The freshmen can wait

By Tyler Dixon

The young guns rule college basketball; the players’ that are too young to even consider when their graduation date might be.

That is, if they ever reach their graduation. A rule should be in place that players have to spend two years in college before they enter the NBA Draft.

It was asked in this weeks Weekly Bark if there should be a rule in place requiring college basketball players to stay longer than the current rule. The current rule is players must be removed from high school for one year before they can enter the NBA Draft. Detroit Pistons guard Brandon Jennings played in Italy before being drafted by the Milwaukee Bucks in 2009.

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This year’s NCAA Tournament was ruled by freshmen…or so was the plan. Only two prominent freshmen remain in Kentucky’s Julius Randle and Arizona’s Aaron Gordon. Arizona has a great chance to make a run to the Final Four while Kentucky will battle the University of Louisville in the battle for the commonwealth in Indianapolis Friday. Duke’s standout freshman Jabari Parker was sent back to Durham early by Mercer University and Kansas’ run was …cut short.

March Madness is the best time of the year but wouldn’t it be better if each team had the best players to represent it. Yes, I am a Kentucky fan and the thought of the players we have lost the last few seasons on a roster makes me giggle but I digress.

Sports reporter Tyler Davis wrote an opinion piece earlier this week, he said if players are good enough to go to the NBA then they should be able to go to the NBA. I agree that if players are good enough then they should play in the NBA but why not wait one more year to get skills they can use after basketball. College is not only about playing sports, it’s about giving these athletes the skills they need to survive and not end up as another statistic. Former NBA player Antoine Walker, according to Yahoo Sports, lost more than $110 million from his playing career although he did attend college, maybe he didn’t have the skills to keep his money situation squared away.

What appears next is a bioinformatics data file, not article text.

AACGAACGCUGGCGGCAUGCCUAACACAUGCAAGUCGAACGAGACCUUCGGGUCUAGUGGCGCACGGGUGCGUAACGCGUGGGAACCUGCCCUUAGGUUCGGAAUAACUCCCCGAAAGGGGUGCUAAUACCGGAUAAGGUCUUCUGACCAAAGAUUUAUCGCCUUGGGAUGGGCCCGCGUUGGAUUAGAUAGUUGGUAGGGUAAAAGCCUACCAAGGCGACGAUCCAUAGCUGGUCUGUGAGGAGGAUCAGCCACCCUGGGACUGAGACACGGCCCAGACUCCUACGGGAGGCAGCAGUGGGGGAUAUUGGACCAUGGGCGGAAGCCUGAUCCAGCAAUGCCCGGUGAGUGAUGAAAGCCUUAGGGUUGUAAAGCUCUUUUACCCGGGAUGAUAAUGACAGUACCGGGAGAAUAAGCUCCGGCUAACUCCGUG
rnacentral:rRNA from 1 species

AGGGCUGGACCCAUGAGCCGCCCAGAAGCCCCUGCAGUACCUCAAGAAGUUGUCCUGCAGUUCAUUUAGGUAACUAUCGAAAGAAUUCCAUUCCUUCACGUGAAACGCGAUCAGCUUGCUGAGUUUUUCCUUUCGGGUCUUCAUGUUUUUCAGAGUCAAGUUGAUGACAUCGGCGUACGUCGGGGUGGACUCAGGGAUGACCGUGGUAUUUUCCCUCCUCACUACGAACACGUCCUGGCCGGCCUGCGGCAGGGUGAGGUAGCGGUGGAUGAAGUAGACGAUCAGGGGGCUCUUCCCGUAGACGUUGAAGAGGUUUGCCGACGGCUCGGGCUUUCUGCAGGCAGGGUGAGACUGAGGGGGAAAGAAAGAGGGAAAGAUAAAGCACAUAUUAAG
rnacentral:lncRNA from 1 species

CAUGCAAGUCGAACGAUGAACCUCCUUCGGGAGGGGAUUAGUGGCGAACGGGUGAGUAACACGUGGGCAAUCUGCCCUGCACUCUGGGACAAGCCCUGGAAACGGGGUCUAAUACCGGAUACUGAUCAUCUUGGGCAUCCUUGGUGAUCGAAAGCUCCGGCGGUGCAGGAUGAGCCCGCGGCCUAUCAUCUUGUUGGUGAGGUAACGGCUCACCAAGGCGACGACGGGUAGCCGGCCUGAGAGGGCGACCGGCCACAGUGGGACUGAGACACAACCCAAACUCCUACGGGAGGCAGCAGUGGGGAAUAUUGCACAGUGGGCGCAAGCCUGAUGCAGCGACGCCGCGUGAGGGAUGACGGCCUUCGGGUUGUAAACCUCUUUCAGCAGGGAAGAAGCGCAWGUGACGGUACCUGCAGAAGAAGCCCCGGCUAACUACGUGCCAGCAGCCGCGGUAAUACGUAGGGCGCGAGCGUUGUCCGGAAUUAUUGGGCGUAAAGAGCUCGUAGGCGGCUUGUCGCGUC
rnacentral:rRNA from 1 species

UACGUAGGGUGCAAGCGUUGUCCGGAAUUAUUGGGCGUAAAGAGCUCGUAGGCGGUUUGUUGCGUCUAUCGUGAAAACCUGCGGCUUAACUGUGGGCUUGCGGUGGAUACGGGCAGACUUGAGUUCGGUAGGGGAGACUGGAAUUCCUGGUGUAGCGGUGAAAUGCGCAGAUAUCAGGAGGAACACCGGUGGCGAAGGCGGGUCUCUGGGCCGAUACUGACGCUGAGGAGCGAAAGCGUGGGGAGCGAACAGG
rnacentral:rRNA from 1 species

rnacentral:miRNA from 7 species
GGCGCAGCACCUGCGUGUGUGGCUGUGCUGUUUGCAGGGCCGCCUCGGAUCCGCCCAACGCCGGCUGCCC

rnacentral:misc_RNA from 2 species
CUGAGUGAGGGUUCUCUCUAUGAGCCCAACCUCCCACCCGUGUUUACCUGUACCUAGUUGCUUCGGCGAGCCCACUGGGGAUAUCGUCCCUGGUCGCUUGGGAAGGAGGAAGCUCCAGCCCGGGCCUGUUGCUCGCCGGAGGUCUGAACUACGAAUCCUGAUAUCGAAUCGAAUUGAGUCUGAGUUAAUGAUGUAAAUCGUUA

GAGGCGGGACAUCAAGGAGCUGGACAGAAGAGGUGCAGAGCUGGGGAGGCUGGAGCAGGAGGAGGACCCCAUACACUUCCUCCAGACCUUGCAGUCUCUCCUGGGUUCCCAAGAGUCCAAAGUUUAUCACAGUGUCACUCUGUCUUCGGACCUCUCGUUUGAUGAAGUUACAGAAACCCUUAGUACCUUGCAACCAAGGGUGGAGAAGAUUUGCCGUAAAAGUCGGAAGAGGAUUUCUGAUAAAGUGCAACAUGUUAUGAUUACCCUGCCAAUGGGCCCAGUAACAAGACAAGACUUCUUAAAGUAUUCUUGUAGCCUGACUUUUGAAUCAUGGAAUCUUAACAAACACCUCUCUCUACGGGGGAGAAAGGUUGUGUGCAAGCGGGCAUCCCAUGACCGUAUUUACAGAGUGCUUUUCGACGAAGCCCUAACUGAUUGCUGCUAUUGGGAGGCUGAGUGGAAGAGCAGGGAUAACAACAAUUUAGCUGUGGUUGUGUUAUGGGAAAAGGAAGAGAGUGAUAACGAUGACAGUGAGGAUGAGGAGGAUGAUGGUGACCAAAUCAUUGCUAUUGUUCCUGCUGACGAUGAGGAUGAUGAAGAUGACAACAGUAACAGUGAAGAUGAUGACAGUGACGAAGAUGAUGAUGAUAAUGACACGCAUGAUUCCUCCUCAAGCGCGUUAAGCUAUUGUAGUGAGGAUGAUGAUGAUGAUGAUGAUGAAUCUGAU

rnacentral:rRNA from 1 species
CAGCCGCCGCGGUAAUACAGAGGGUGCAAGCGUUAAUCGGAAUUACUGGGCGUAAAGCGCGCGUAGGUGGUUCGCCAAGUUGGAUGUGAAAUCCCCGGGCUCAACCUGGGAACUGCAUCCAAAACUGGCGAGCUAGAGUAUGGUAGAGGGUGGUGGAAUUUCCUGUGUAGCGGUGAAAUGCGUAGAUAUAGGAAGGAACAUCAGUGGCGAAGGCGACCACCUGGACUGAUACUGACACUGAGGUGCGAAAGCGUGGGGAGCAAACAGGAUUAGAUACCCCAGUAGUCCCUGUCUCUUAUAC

As I have written this column, two freshmen have already declared for the draft. Kansas’ Joel Embiid and Syracuse’s Tyler Ennis decided to forgo their final three years of eligibility to go make millions. Embiid will be a top five pick while Ennis could be a first rounder if a team needs a point guard.

According to one Bleacher Report article, (this is not an endorsement for Bleacher Report; some of their articles are insane) one mock draft has six of the top seven picks being freshmen.

Yes, a lot of great players are freshmen and one argument could be if they stayed for the entire four years that they could already be past their prime but that’s ridiculous. Vince Carter is still playing basketball and he started dunking when he was a toddler…this isn’t true but it is pretty close.

I await the day when college players will be forced to stay at least two years in college and I hope it comes sooner rather than later.

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Tyler Dixon can be reached at [email protected] or @tdixon_de on Twitter. 

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